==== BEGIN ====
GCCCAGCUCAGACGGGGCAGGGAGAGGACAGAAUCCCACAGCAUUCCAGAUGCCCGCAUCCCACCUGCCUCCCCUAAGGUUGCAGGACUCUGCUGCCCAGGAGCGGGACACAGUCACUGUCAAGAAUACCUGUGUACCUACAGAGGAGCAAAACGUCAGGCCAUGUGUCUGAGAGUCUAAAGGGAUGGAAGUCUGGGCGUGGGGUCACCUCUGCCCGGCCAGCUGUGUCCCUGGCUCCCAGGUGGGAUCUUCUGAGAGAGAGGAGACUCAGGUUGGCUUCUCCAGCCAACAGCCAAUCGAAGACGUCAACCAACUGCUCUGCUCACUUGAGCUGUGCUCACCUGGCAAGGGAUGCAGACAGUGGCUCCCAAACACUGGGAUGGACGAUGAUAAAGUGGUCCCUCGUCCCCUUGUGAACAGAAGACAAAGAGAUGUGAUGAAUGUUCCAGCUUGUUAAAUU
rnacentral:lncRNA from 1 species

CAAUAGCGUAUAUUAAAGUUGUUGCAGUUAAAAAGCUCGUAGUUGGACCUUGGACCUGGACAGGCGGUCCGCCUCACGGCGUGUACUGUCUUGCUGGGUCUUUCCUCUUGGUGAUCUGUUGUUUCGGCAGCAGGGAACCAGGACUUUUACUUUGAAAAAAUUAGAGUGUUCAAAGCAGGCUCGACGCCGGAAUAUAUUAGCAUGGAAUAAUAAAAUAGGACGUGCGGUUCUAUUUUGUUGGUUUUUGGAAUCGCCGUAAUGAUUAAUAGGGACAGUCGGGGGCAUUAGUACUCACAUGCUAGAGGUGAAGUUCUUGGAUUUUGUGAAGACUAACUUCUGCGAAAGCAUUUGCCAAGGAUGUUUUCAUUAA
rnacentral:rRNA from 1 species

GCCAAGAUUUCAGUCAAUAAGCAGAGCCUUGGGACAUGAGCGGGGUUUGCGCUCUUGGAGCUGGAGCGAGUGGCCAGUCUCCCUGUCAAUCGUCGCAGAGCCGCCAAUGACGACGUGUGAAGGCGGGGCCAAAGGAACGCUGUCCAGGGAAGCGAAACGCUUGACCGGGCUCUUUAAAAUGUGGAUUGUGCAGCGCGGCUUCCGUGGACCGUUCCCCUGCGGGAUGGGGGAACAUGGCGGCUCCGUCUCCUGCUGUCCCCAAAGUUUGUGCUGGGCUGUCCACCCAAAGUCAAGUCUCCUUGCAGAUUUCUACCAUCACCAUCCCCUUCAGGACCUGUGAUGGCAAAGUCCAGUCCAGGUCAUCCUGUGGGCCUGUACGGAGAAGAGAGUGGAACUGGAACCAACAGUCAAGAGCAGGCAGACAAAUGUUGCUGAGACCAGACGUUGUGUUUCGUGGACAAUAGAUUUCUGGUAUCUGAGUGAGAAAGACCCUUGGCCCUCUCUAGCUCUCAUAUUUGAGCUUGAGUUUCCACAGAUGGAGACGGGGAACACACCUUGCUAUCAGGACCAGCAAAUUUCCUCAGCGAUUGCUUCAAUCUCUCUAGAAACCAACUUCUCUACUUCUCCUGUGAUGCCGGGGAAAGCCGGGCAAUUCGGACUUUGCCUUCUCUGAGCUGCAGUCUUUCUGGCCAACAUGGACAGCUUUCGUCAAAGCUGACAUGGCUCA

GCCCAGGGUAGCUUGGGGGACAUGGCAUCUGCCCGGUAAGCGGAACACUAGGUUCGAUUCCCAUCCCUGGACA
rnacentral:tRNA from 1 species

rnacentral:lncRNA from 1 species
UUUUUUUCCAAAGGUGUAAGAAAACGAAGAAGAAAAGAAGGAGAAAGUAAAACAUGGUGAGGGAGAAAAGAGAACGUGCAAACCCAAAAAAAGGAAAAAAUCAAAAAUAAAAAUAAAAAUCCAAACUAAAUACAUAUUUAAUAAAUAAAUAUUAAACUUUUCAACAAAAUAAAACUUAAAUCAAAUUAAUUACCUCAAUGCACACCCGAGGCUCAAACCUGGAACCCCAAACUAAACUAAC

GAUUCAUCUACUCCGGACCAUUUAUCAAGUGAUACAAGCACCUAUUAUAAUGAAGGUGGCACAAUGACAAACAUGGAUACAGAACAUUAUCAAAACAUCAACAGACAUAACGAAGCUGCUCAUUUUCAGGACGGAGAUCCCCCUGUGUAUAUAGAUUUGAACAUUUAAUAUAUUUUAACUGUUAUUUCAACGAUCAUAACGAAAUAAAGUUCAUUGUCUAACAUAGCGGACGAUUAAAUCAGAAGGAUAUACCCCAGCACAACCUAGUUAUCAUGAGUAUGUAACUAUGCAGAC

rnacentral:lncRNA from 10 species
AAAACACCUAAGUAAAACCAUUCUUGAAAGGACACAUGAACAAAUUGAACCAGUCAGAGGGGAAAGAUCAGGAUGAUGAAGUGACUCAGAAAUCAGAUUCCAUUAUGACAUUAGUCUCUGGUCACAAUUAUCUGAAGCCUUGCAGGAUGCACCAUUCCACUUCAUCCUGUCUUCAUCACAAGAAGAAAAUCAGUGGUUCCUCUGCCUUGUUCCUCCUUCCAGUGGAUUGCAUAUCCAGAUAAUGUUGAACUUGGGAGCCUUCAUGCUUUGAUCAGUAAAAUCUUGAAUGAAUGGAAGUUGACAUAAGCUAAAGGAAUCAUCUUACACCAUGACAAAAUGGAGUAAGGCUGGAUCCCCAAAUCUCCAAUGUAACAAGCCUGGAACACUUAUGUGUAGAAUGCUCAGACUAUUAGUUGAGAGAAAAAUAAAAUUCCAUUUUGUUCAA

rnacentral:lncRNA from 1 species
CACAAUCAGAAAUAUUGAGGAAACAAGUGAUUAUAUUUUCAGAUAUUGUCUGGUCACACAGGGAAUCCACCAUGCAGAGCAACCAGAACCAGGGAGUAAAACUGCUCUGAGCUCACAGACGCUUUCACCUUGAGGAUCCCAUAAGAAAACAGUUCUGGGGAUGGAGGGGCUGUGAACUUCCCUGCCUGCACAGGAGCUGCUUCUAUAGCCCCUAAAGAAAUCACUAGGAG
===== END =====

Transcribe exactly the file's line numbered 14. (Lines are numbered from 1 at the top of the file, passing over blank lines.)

CACAAUCAGAAAUAUUGAGGAAACAAGUGAUUAUAUUUUCAGAUAUUGUCUGGUCACACAGGGAAUCCACCAUGCAGAGCAACCAGAACCAGGGAGUAAAACUGCUCUGAGCUCACAGACGCUUUCACCUUGAGGAUCCCAUAAGAAAACAGUUCUGGGGAUGGAGGGGCUGUGAACUUCCCUGCCUGCACAGGAGCUGCUUCUAUAGCCCCUAAAGAAAUCACUAGGAG